After half a day at the orphanage, she appeared smiling. Back in the hotel, she told us of the cloak-and-dagger operation by the Iraqis to “kidnap” her for a while on the orders of the then Iraqi president Saddam Hussein. She met Saddam, who wanted to thank her personally too.
The following days were filled with heart-wrenching visits to hospitals and orphanages. Heart-wrenching because beds were overcrowded, children had to queue for their turns to get oxygen and most were suffering from leukemia resulting from depleted uranium. Other children including those in orphanages were malnourished and these problems affected their education and daily lives.
We did not come empty-handed. Dr Siti Hasmah packed tonnes of medicine (forbidden because of the sanctions) to be distributed to hospitals. The doctors were visibly overwhelmed that one of them told us many more children’s lives could be saved by the latest antibiotics that we brought.
An unforgettable visit was the Al-Amiriah Children’s shelter that left 400 children dead. The shelter was constructed in such a way that the door automatically shuts when there are chemicals in the air. It took two days before it opened and all that’s left were the children’s remains on the walls and ceiling of the shelter like hair and skin which were stuck. I never saw Dr Siti Hasmah cry so much.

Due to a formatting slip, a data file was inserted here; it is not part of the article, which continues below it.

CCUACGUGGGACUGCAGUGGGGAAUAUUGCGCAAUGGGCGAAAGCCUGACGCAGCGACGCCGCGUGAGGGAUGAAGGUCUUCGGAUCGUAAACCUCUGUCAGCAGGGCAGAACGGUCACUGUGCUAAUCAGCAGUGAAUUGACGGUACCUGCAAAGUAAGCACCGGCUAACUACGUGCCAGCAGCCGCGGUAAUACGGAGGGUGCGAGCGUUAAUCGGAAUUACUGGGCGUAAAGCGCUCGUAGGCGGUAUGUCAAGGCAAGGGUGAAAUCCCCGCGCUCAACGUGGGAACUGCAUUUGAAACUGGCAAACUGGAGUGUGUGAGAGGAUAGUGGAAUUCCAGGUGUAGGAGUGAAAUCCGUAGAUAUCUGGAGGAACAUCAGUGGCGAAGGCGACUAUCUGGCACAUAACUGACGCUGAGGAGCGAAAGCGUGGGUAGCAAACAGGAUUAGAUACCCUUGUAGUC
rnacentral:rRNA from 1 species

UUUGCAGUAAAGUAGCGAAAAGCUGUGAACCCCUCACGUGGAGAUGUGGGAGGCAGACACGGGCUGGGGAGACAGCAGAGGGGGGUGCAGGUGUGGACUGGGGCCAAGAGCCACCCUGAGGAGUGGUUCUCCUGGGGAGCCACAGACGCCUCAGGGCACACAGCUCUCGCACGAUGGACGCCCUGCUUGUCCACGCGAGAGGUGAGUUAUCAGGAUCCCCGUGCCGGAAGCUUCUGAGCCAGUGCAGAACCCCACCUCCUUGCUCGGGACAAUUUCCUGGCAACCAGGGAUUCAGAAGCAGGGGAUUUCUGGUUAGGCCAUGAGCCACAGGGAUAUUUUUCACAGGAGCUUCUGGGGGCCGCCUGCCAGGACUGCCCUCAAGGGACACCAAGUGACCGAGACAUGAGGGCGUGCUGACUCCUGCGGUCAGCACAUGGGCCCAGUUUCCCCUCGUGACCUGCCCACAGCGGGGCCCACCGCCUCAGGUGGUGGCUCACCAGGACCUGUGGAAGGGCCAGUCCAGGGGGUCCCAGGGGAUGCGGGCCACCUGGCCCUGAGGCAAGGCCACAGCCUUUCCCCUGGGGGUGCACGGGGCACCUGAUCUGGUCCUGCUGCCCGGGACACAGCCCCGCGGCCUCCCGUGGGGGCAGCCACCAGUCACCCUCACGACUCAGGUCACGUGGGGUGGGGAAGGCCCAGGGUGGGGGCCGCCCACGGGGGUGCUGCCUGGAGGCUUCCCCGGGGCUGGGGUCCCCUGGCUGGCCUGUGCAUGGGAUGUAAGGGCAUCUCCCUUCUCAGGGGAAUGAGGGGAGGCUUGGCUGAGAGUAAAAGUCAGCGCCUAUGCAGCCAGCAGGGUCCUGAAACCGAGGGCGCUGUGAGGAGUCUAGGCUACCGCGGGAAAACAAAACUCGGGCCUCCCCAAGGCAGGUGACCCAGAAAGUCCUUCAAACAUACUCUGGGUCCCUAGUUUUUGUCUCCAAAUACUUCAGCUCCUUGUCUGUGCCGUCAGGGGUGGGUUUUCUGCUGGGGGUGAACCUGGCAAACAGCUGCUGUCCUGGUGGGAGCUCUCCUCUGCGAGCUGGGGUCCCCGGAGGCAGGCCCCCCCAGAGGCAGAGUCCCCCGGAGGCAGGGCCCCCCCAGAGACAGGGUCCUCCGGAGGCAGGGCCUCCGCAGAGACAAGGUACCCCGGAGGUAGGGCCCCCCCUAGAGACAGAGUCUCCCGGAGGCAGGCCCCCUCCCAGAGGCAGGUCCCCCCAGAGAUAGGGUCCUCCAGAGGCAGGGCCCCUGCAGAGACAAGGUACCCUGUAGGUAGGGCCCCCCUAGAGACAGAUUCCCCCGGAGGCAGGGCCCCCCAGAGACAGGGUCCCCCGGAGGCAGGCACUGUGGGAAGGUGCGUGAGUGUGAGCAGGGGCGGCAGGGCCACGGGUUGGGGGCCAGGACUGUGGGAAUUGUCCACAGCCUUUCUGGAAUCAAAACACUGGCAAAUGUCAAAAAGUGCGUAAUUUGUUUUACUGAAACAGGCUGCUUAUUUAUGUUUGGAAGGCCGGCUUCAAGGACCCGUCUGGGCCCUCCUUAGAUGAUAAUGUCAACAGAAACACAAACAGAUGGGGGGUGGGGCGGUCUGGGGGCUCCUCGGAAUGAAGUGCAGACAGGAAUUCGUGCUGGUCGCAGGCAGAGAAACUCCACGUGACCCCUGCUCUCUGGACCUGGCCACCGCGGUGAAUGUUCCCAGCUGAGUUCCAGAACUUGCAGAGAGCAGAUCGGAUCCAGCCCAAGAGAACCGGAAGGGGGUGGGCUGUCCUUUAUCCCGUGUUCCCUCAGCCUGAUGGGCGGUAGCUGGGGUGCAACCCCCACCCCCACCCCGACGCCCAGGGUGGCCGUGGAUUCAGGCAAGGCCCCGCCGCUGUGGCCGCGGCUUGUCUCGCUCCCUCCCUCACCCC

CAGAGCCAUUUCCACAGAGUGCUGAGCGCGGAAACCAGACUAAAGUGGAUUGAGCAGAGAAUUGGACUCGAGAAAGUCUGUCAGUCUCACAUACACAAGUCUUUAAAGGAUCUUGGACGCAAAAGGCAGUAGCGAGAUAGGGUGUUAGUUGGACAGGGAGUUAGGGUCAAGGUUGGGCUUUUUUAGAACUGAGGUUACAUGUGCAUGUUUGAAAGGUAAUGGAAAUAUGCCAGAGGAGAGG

I also saw how seriously Dr Siti Hasmah took this visit. We had a free day on the last day; our Iraqi host suggested taking us to Babylon to see the historic Hanging Garden. We were thrilled but not Dr Siti Hasmah , who reminded us we were there to work. After some persuasion by our kind host, she relented provided we there was a hospital near Babylon. There was, and so we made the trip, visited the hospital and distributed the medicines.
The Iraq visit and the subsequent attack by the United States-led coalition two years later affected us greatly. For Dr Siti Hasmah, she has made it her cause to speak out against the devastation of war. Congratulations. And when you hear from a 93-year-old doctor and activist, it’s means a lot more.
Thank you for the lessons. Happy birthday, Dr Siti Hasmah!
Source: New Straits Times https://bit.ly/2XZPA9J